V and S
Mon 9 May 2011 13:57
Past Musha Cay, past Cave Cay, past Little Farmer's Cay, past Oven Rock, Ppst the spot we dragged to when the mooring ball came loose. So many memories, all special. We anchored near shore off mid-Guana Cay in clear water. I was able to see the anchor set from the bow of the boat. What will we do when we return to the US and the water is not clear enough to see the anchor? Guess we'll just have to take it on faith. We spent the afternoon cleaning the water line some more, and Valt checked the intakes and shafts and props. Then we swam over to a rocky area. Though it was mostly grass, we saw a sea anemone, several nassau groupers, lots of little fish, and 3 Pacific lion fish. The lion fish are beautiful, looking more like a bird with its feathery "wings". But its invasive nature, its lack of predators, its quick reproduction rates, and its voracious appetite for other fish's eggs make it more than a nuisance. We feel it may cause a decline in the native fish population, but there seems to be no solution. Even if we kill every one we see, a hundred seem to pop up in their place. We tried another dark spot in our sandy bay. It was a coral head full of 1000s of fish. Actually, the water was so still and ripple-free, we were able to peer into it from the dinghy and see bottom nearly as well as with our snorkel gear.
Next morning was Mother's Day. We were able to pick up the Cruiser's Net from Staniel. Joan from Blue Yonder gave the weather report and predicted warm days, light winds, and calm seas for the next week. After our coffee ritual, we again donned our snorkel gear and went to explore the beautiful sea life. We went to several coral heads and returned to Amber Isle quite chilled, even with our diving skins, shorty jackets, and gloves. We'd been in the water several hours. We rested a while, ate lunch, then went back to continue more hull cleaning. Valt used the Super Snorkel Air Compressor and was able to stay below much longer. I used mask and snorkel to scrub the grass off the water line. Then I moved over to brush the dinghy bottom. It was not too grown over, but the slight slick of algae caused an fishy odor when we lifted the dinghy into its cradle on the dinghy deck. Any excuse to stay in the warm, inviting water. We seem to stay warmer when we work than when we are just sightseeing in the sea. The winds was about 4 knots out of the East and the water very still.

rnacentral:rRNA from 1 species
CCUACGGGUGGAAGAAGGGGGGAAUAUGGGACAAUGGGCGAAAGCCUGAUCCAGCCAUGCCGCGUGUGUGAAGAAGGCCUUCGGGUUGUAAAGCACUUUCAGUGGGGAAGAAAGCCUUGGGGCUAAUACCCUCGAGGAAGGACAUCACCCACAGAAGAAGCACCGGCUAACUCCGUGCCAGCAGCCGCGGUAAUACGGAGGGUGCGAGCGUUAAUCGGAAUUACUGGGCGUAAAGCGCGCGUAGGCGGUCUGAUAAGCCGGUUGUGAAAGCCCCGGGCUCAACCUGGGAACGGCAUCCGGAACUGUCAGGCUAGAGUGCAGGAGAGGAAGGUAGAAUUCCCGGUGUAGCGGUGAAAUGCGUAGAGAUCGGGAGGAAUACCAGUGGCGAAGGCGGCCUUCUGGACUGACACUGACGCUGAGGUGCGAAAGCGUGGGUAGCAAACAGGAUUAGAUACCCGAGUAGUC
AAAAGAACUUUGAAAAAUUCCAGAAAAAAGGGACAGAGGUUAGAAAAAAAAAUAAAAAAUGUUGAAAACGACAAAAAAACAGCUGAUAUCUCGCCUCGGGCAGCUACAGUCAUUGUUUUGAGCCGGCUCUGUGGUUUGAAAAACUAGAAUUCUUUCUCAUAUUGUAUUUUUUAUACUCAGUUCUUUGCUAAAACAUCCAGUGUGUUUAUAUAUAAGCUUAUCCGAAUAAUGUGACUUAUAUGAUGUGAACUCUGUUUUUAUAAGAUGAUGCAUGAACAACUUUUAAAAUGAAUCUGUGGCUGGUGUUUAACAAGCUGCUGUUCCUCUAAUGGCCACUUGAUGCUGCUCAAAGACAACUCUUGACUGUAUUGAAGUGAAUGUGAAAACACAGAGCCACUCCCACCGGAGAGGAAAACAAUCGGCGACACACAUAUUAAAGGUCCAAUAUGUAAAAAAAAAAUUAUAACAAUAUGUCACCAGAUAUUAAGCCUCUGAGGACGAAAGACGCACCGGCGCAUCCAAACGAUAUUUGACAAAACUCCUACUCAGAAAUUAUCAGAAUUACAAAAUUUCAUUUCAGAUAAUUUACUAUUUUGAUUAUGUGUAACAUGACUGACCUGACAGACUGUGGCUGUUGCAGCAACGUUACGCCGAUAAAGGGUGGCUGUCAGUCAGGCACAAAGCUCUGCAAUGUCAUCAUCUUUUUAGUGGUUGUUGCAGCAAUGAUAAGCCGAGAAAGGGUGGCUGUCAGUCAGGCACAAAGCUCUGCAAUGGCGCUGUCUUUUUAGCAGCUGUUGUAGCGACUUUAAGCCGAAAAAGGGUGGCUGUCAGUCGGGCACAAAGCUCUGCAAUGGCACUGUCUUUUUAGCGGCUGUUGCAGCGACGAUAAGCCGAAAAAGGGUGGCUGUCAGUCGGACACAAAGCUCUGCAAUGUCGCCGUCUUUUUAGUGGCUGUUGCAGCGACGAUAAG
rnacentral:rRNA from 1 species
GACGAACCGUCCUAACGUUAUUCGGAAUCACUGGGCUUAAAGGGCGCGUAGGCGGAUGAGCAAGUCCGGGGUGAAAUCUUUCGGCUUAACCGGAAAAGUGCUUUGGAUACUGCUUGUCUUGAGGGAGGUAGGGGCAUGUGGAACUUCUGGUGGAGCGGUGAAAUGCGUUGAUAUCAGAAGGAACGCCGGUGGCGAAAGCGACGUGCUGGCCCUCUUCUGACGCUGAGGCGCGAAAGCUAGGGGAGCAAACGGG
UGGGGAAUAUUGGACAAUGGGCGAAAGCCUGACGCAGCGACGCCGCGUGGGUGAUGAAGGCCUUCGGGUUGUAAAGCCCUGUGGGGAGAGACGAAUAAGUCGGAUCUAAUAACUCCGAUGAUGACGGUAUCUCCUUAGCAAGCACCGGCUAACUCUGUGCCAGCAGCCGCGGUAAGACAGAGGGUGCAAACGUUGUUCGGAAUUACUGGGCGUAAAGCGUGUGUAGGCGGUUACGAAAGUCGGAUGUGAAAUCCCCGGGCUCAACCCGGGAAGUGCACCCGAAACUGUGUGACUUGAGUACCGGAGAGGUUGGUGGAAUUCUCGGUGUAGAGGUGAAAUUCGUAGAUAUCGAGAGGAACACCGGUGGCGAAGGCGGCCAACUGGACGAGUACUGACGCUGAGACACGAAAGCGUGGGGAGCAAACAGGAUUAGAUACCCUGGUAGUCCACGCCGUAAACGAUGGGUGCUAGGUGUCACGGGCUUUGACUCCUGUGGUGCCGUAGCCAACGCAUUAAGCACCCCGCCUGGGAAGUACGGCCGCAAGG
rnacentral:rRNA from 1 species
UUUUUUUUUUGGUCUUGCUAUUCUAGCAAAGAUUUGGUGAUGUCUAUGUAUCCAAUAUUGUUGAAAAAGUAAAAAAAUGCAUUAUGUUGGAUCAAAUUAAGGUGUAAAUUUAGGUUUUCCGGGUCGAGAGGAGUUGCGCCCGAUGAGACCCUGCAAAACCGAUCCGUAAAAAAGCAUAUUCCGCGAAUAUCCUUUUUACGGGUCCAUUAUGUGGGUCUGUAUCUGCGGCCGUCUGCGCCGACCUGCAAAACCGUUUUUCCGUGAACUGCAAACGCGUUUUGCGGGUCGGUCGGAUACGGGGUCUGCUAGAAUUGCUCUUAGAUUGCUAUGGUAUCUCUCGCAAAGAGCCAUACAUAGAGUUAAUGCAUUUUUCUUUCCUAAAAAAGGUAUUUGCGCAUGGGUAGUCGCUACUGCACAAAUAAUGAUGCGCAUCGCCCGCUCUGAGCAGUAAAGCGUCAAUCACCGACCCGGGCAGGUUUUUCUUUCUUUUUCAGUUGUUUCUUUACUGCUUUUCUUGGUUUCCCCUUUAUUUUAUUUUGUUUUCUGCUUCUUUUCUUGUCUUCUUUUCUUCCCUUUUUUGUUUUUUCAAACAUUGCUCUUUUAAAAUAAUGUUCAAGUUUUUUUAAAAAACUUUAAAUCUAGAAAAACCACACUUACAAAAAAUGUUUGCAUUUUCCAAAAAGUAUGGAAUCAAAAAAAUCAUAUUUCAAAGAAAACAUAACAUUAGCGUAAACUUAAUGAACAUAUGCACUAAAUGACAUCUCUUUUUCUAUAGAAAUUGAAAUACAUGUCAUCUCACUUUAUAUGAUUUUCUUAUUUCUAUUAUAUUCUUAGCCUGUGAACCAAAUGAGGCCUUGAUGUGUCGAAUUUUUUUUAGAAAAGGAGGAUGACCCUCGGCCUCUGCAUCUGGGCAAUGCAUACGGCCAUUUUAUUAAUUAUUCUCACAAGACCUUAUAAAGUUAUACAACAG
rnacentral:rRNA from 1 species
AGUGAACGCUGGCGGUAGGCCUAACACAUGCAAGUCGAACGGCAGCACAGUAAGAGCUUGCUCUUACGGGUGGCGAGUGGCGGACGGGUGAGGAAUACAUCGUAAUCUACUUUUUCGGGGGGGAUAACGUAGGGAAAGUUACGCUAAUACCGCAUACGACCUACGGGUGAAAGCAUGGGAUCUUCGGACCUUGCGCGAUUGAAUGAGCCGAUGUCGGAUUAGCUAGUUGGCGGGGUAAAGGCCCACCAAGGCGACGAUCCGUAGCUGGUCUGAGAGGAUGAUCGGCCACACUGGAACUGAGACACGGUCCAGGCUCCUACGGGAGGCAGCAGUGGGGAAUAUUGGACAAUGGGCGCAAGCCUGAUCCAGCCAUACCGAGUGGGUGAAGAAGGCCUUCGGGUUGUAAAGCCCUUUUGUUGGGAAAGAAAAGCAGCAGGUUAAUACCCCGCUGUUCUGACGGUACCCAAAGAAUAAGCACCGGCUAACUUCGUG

A pleasant tiredness washed over us after so many hours in the water.